While these restaurants are mainly business affairs maintained by Thakali families, other people too are being attracted to the ethnic cuisine business. Himalyan Java has recently opened an exclusive Thakali restaurant at Naxal, Kathmandu. The Nepali coffee chain partnering with head chef Shambhu Basnet started operating Nilgiri Thakali Delights. It serves a variety of Thakali dishes including Dhendo/roti, Kanchhemba, Mustang Garliac, Garliac Fry and Mustang Alu and Thakali soups. According to Basnet, the restaurant is planning to open new outlets in Pulchowk and Durbargmarg.
According to Krishna Kumari Serchan, President of Thakali Sewa Samiti, new rules are going to be introduced for restaurants. The Samiti is forming a new committee to evaluate restaurants and set new standards for the quality of foods and other services. The committee will create a common logo for Thakali restaurants. The logo will be made mandatory for entrepreneurs to open and run Thakali restaurants. The Samiti has become the main body of the Thakali restaurants after the dissolution of the Thakali Restaurant Association a few months ago. It is planning to organise cooking classes for the new generation to maintain the quality of the authentic cuisines.
“The quality of taste has been changing with the passing generation. Besides that the entry of non-Thakali people into the Thakali restaurant business is becoming another challenge,” mentions Serchan. She says that the authentic taste cannot be maintained as people outside the community are opening Thakali restaurants randomly. “This can negatively impact the business that attracts a wide range of customers,” she claims.
“Unique taste of food and warm hospitality are key factors for the burgeoning Thakali restaurant business”
Why were you attracted to the Thakali restaurant business?
I had worked in Thakali restaurants for 17 years. Over the period, I noticed that Thakali dishes have become quite popular for both Nepalis and foreigners. The unique taste of the authentic Nepali cuisine and the warm Thakali hospitality are the key factors for the rising popularity.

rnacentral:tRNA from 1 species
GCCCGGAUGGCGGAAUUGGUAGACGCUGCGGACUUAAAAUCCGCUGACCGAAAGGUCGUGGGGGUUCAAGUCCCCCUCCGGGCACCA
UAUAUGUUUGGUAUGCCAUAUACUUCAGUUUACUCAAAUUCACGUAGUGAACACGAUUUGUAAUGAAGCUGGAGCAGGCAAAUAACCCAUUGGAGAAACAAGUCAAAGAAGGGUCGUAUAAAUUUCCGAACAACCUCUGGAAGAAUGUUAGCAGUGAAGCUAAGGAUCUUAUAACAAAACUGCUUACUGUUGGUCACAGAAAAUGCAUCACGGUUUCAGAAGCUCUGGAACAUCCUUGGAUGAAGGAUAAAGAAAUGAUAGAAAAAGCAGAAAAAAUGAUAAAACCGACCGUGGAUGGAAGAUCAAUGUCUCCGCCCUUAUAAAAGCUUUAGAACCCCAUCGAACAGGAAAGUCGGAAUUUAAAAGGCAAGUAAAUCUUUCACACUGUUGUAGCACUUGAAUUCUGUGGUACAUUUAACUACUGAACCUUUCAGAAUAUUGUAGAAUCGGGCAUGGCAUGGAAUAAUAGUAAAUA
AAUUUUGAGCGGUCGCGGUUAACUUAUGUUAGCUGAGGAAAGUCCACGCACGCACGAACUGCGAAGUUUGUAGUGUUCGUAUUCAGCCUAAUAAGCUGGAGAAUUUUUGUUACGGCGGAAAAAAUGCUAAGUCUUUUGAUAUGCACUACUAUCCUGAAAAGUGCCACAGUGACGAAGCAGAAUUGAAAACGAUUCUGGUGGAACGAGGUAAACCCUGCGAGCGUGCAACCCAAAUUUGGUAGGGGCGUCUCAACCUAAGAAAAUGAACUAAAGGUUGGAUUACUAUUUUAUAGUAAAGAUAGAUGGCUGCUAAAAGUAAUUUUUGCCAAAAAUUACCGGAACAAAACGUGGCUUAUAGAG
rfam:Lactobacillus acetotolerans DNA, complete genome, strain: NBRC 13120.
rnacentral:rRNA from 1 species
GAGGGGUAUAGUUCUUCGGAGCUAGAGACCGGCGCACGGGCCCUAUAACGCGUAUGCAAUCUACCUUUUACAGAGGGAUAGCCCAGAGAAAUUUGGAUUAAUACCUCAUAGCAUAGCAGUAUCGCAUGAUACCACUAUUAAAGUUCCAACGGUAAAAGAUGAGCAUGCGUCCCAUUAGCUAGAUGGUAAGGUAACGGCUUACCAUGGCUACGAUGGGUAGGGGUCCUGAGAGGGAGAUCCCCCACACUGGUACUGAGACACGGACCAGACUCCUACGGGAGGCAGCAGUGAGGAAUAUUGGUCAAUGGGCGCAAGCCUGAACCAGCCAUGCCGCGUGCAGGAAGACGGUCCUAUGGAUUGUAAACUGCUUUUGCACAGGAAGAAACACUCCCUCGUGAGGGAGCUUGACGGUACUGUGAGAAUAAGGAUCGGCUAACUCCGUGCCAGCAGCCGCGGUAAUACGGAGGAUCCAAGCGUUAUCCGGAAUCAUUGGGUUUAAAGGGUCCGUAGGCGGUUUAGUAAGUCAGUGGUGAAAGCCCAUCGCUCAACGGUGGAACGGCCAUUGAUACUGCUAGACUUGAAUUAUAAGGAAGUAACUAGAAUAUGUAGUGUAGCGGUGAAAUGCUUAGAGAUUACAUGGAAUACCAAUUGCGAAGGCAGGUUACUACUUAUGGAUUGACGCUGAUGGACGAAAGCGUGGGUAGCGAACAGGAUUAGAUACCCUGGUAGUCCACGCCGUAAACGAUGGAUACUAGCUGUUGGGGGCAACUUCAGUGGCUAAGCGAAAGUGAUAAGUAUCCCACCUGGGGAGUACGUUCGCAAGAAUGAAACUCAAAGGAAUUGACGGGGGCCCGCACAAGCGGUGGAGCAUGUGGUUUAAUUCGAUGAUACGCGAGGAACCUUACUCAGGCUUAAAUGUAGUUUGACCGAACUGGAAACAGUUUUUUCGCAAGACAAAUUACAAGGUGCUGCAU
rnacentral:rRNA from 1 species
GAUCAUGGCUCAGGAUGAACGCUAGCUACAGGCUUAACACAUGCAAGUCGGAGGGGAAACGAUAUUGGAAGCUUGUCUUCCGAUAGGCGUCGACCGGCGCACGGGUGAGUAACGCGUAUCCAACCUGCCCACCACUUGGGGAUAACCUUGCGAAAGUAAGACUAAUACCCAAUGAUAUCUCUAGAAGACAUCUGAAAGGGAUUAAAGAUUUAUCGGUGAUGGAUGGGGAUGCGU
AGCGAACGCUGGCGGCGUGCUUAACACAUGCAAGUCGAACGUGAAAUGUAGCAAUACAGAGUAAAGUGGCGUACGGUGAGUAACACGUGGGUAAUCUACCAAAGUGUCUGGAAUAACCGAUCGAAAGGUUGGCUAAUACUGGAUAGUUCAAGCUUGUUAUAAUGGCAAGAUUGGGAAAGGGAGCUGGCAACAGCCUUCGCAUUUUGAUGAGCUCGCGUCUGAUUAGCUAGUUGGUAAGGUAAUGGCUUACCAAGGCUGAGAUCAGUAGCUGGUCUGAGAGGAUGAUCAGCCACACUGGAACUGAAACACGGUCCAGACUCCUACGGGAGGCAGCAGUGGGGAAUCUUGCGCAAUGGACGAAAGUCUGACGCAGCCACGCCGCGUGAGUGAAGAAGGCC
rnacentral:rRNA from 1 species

I started my career as a waiter in a Thakali restaurant. I was taught very well about Thakali cuisines. I also went to Singapore and Korea to give training on Thakali food. I then realised the need to expand our typical and authentic dishes to bring the real taste of Nepal to the world. In the past, Thakali people used to think that letting others in this business poses a threat to their family business. However, their mentality has changed now-a-days. They now encourage people from other communities to open such eateries and meet the expectations of the customers as the population of the Thakali community is small.
How are you maintaining the taste of authentic Thakali dishes?
A food becomes delicious due to its ingredients. Typical Thakali dishes need ingredients found in the Himalayan region. But those ingredients can also be found in the high hills and other parts of the country. We bring the herbs and other ingredients from districts near the Kathmanu valley. Moreover, we bring all the special spices required to create the authentic taste even from Mustang and Manang also.
I personally visit markets to find the fresh spinach, local cucumber and other things. We have assigned separate employees to do the special and minute works in order to maintain the quality. Actually, all Thakali dishes are non-vegetarian. However, we provide both vegetarian and non-vegetarian items to our customers. Here, we offer typical Thakali dishes including Dhendo, Kanchhemba, Mustang Garlic, Sukuti, Mustang Alu and Thakali soups at affordable prices.
How is the restaurant progressing?
It has just been over two months since we opened the restaurant. Despite the short period we have garnered significant attraction. I find many customers coming repeatedly to the restaurant. Some come more than five times a month. This really encourages us to do further good in the hospitality sector.
Can you tell us about the investment needed to open a Thakali restaurant? How much do you earn a month?
Typically, to open a restaurant of this standard costs around Rs 10 million. I do not have the exact record of our monthly income, but we should make monthly savings of Rs 200,000-300,000.
Can you share some of your future plans?
We are planning to open two more outlets in the Kathmandu Valley. We have chosen Pulchowk and Durbargmarg. Similarly, we also have plans to open Thakali restaurants outside Nepal. Our first target is the United States. After the US, we will open outlets in the United Kingdom and other countries